If you don’t happen to subscribe to Christianity, well, Merry Whatever You Do Celebrate!

Oh, and if you’ve been bad this year, don’t expect a lump of coal from Santa.  Al Gore threatened to melt Santa’s workshop at the North Pole if he got in the way of cap & trade legislation and other assorted power grabs in the name of Global Climate Change Crisis That We Must Act On Now While It’s On Sale.  Instead, you get a nicely shaped lump of recycled postindustrial Green packing material.  Don’t forget to look for a Nobel Peace Prize winner in your lump’s profile!  (They ran out of Elvis, Mother Teresa and Michael Jackson already.)

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No, not that Ownership Society, arguably a significant part of the psychology behind the housing boom and bust (and other problems in the economy).  I’m talking once again about MMOs and video games.  In an age of great sales via digital distribution, subscription games and ever dwindling PC game sections in stores, the landscape of game ownership is varied and interesting.

I’ve written about this sort of thing before, but Gordon over at We Fly Spitfires is my reference this time:

The Importance of Character Customization

I wholly agree that character customization is a significant part of giving players some ownership in a game.  That’s a big part of establishing a relationship that the player wants to maintain, maybe even at the cost of a subscription.

What interests me is the cognitive dissonance between giving players ownership, all while running what amounts to a lease, wherein once the monthly cash drip is pinched off, ownership dissolves.

Of course, as in the discussions that inevitably come up about difficulty, it’s been noted that players don’t really want difficulty, they want the illusion of difficulty, and a pat on the back or some loot.  So, what do players really want from their characters?  What do players really want from their gaming dollars?

I don’t think there’s any one right answer. (Yes, that’s an obvious statement, but I do feel it needs to be noted.  Challenging the status quo of MMO design is sort of a hobby of mine.)

I just know that for me, ownership of a game is much more than customizing a character.  I want to play it whenever I want, however long I want, without incurring a cost to do so.  I’m happy to pay for a game I like (as my wife will attest to… like Andrew, I probably have more games than time to play them).  I don’t want to lease a game.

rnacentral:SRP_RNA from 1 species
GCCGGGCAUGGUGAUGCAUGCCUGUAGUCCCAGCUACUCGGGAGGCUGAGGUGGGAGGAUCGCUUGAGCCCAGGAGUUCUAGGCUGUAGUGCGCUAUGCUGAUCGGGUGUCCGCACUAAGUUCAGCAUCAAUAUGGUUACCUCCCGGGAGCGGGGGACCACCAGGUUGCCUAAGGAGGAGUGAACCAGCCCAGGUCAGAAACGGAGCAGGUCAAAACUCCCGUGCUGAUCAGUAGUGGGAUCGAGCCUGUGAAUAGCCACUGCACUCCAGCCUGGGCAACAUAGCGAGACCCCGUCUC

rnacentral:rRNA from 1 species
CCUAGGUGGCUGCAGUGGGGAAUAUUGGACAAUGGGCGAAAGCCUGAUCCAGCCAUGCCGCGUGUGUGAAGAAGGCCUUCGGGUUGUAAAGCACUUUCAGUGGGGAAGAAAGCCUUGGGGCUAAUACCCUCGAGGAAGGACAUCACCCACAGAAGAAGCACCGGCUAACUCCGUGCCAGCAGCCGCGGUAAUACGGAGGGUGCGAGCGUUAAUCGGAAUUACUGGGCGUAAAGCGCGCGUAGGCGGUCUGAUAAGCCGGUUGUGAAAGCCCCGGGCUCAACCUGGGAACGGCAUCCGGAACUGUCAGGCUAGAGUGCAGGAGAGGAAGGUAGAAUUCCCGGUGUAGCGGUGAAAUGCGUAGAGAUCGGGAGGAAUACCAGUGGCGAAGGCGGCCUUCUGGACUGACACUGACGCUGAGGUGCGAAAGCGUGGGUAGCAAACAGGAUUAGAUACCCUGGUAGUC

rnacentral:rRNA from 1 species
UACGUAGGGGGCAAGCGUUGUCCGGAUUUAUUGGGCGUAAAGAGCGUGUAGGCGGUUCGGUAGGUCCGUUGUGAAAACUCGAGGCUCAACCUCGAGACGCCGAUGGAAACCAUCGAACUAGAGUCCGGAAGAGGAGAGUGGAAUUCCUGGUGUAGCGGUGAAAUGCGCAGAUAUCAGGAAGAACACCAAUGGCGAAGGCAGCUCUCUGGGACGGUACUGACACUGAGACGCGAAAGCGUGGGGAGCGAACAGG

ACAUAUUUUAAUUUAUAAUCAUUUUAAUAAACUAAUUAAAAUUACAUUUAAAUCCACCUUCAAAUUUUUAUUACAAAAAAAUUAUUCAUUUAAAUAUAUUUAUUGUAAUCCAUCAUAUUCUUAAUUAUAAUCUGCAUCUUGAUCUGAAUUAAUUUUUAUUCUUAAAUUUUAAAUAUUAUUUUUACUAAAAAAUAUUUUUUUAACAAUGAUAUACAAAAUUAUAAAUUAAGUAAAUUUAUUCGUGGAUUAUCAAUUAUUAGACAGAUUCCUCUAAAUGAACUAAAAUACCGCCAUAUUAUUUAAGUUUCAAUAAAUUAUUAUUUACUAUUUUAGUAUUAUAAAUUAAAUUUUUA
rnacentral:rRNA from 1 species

Likewise, ownership of a character in a game is much more to me than picking a class at creation and mucking around with talent trees.  I want more out of my gaming time than conforming to a dev’s script.  I’ve written about this before, and likely will again.

Perhaps it’s not so much that I want a sandbox game, but rather, I want a sandman character.  I don’t mind some structure to my games (after all, a sandbox is still a box, and you can’t think outside of it until you know where it ends), but I want to have flexibility in how I approach the game’s challenges.  I want to really own my approach to the game, to leave my stamp on the experience.  Not because I want bragging rights, but because it’s simply more fun to me to do things my way.  I want to make my own memories, tell my own story, and have my own fun.

Because, well, that’s what I want for my money.

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Torchlight Sale

Torchlight is on sale via Steam this weekend.

Half price for an already nicely priced game that’s good dungeon crawling fun?

That’s worth dealing with Steam for.

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Spurred by a recent “Pick Up Group” experience in Allods Online and a couple of articles (OK, and doing the WoW Druid Bear art for BBB), I wanted to write a bit again about tanking and the Holy Trinity of MMO combat.  Here are a few great articles to prime the pump as well:

Overcoming the Fear of Tanking (Spinksville)

On Being a Tank (Tank Hard)

Rethinking the Trinity of MMO Design (Psychochild)

I’ve written about this sort of thing before.  Long story short, I’m highly in favor of breaking the trinity affording greater player customization and flexibility, hopefully making for more interesting combat.

Mostly, it’s because I want to be flexible when I’m playing a game.  I don’t want to have to depend on other people… though I’m happy to help other people.  That’s my particular brand of soloist play; I want to do my thing and have fun without needing other players… but if I want to help others out (and I often do), I want it to be fun and easy enough to get to do.  (Note, not necessarily “easy to do”; I like challenge in my games, after all.  I just don’t like fighting the UI or having insufficient tools to deal with idiot players.  I don’t like fighting other players, either; I’m all for cooperative PvE ventures.)

Perhaps a story will help illuminate.

I’ve been playing League side in the Allods Online beta as a Gibberling Psionicist.  I have characters of most races and classes for experimentation, but I picked the Psionicists as my “main” for the beta so I could push through to some non-newbie content before the beta ends.  The Psionicist is a DPS/Support class, designed somewhat along the lines of the Guild Wars Mesmer, where I find ways to control foes and the pace of combat, while burning them down with psionic blasts.  So far, it’s been good fun, if a bit repetitive.  (Finding my optimal “rotation” took all of three or four fights.  Certainly not several levels’ worth of fighting.  That’s another rant, though, and such design is certainly on par with other modern MMOs, so it’s not a glaring flaw unique to Allods.)